Native-born American workers are taking a beating in the job market from gains by foreign-born workers, according to the data released by the Bureau of Labor Statistics (BLS) on Friday.

The number of foreign-born workers employed in the U.S. rose by 637,000 in the last year to nearly 30.9 million, while the number of employed native-born Americans has declined by 299,000, according to the BLS. As a consequence of foreign-born workers taking up job gains, the number of American-born workers with jobs is still below the number counted in July 2019.

Illegal immigration has surged under President Joe Biden following the administration’s relaxation of enforcement at the southern border, which has recently prompted the president to scramble to stem the flow by signing an executive order that he claims will limit the number of asylum seekers allowed in the country.

The growth in foreign populations working in the U.S. under Biden, many of whom entered the country as the result of illegal immigration, has helped boost overall growth numbers and make the economy appear in better shape, despite native-born workers not seeing those benefits. The recent action by the Biden administration to stem the flow could depress topline job gains if it is successful.

The foreign-born population in the U.S. has surged 6.6 million since Biden took office in January 2021, with an estimated 58% being due to illegal immigration, according to the Center for Immigration Studies. The BLS does not specify the immigration status of workers it is documenting, but it does include illegal immigrants in its estimates for foreign-born workers.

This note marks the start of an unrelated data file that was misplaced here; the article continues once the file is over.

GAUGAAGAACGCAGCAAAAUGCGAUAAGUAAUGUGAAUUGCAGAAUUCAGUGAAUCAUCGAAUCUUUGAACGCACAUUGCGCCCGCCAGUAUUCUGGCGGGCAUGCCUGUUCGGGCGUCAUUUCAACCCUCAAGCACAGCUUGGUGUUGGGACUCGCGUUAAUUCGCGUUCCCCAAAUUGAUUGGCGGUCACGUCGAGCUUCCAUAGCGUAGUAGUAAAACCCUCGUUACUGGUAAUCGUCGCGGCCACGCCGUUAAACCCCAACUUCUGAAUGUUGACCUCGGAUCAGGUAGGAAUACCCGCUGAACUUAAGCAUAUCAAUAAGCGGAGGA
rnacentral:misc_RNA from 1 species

Despite the lack of growth in native-born employment levels, the total number of people employed rose by 2.4 million in May compared to February 2020, right before the COVID-19 pandemic. The number of Americans holding jobs declined by 408,000 from April to May, according to the BLS.

“While today’s jobs report posted another impressive number of jobs created, unfortunately, the Biden administration record is weaker than the numbers would imply,” Michael Faulkender, chief economist at the America First Policy Institute, told the Daily Caller News Foundation. “Over the last three years, wages have not kept up with inflation, there’s been significant growth in part-time work, and most of the new job creation has gone to foreign-born workers. The American people deserve an economy that puts them first rather than the government centralizing evermore authority.”

The total number of people employed is in contrast to the 272,000 nonfarm jobs that were added in May, of which people could hold multiple, far higher than economists’ expectations of 190,000. The unemployment rate ticked up to 4.0% in the month, the highest rate since January 2022.

The above-trend job growth was made up largely of part-time positions, with the number of people working jobs for less than 35 hours a week climbing 286,000, while the number of people holding full-time jobs declined 625,000 month-over-month.

The White House did not respond to a request to comment from the DCNF.

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